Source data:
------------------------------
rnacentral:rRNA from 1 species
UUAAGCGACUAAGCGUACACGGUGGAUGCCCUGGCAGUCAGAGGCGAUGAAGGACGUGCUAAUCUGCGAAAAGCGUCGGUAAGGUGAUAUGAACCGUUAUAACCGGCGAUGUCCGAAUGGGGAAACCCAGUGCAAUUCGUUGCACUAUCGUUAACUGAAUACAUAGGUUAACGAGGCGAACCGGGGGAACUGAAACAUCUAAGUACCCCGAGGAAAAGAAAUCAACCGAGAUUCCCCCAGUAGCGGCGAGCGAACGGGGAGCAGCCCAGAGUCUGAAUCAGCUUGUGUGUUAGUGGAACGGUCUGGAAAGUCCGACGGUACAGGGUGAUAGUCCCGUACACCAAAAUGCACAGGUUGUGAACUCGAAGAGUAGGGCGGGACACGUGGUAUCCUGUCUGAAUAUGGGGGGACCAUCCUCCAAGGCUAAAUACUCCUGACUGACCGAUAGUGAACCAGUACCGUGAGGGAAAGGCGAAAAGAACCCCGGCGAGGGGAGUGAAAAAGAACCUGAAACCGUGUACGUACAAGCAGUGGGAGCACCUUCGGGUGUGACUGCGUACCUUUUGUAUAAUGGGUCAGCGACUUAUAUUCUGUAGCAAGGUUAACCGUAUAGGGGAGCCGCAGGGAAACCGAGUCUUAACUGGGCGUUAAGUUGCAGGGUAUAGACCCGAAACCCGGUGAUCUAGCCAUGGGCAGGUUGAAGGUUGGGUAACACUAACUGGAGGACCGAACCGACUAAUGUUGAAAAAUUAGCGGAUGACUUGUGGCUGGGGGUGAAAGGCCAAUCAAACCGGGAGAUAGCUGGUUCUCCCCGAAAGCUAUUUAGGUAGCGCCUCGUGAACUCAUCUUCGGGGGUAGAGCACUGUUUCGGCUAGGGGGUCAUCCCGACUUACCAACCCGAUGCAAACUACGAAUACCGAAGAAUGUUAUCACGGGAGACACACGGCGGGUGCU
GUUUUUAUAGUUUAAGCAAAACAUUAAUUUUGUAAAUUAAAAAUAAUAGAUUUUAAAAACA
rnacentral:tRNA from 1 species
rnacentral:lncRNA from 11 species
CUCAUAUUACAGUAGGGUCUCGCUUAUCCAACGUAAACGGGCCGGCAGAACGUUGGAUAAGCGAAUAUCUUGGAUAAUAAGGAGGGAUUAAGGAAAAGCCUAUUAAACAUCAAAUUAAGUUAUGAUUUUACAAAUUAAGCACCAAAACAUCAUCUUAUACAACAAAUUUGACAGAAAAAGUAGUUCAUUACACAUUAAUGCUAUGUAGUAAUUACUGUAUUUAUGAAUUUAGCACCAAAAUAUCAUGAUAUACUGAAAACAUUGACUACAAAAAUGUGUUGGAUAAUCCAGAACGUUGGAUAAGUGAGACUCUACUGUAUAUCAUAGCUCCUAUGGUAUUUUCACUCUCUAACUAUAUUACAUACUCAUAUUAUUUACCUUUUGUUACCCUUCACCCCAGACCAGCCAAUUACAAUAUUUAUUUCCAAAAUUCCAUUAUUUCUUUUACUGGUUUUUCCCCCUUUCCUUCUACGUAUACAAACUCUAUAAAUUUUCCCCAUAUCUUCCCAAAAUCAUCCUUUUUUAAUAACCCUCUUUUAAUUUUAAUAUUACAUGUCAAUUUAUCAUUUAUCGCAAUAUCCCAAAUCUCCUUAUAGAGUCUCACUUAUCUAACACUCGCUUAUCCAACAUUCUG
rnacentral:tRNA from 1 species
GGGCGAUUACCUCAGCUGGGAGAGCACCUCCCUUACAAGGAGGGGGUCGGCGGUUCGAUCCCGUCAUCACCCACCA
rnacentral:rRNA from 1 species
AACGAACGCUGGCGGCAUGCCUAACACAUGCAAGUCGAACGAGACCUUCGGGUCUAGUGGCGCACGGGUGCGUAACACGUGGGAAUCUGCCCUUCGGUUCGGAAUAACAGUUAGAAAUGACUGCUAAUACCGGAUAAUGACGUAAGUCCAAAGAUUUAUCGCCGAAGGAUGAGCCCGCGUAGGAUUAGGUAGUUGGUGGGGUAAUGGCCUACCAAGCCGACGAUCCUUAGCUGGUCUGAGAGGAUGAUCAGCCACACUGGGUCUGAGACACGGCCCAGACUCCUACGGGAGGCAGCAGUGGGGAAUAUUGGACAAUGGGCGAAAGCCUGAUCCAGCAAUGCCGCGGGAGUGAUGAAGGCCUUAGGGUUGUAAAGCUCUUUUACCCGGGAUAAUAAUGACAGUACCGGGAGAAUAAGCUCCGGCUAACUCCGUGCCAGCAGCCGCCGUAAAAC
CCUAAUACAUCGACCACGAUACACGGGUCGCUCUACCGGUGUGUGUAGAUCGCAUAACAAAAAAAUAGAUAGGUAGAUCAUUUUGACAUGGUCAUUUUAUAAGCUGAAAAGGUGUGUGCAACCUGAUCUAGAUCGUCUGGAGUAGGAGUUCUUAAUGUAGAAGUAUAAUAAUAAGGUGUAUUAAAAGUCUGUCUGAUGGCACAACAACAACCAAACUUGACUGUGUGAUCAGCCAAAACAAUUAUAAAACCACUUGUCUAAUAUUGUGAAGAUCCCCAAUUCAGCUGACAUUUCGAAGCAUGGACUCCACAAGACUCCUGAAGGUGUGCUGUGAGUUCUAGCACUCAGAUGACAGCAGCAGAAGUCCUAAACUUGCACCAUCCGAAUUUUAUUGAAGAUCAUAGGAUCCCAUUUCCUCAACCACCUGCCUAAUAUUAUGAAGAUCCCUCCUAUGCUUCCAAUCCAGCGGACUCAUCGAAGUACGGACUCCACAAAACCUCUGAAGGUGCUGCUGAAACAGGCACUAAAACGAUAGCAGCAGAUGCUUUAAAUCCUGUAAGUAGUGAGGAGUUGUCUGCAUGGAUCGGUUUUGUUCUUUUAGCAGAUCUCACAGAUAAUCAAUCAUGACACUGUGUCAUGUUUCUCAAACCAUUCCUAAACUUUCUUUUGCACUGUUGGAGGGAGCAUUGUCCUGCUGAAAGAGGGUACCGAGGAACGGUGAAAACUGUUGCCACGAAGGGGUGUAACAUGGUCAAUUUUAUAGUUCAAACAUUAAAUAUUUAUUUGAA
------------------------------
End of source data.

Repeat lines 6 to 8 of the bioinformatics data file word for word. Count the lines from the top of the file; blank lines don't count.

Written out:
CUCAUAUUACAGUAGGGUCUCGCUUAUCCAACGUAAACGGGCCGGCAGAACGUUGGAUAAGCGAAUAUCUUGGAUAAUAAGGAGGGAUUAAGGAAAAGCCUAUUAAACAUCAAAUUAAGUUAUGAUUUUACAAAUUAAGCACCAAAACAUCAUCUUAUACAACAAAUUUGACAGAAAAAGUAGUUCAUUACACAUUAAUGCUAUGUAGUAAUUACUGUAUUUAUGAAUUUAGCACCAAAAUAUCAUGAUAUACUGAAAACAUUGACUACAAAAAUGUGUUGGAUAAUCCAGAACGUUGGAUAAGUGAGACUCUACUGUAUAUCAUAGCUCCUAUGGUAUUUUCACUCUCUAACUAUAUUACAUACUCAUAUUAUUUACCUUUUGUUACCCUUCACCCCAGACCAGCCAAUUACAAUAUUUAUUUCCAAAAUUCCAUUAUUUCUUUUACUGGUUUUUCCCCCUUUCCUUCUACGUAUACAAACUCUAUAAAUUUUCCCCAUAUCUUCCCAAAAUCAUCCUUUUUUAAUAACCCUCUUUUAAUUUUAAUAUUACAUGUCAAUUUAUCAUUUAUCGCAAUAUCCCAAAUCUCCUUAUAGAGUCUCACUUAUCUAACACUCGCUUAUCCAACAUUCUG
rnacentral:tRNA from 1 species
GGGCGAUUACCUCAGCUGGGAGAGCACCUCCCUUACAAGGAGGGGGUCGGCGGUUCGAUCCCGUCAUCACCCACCA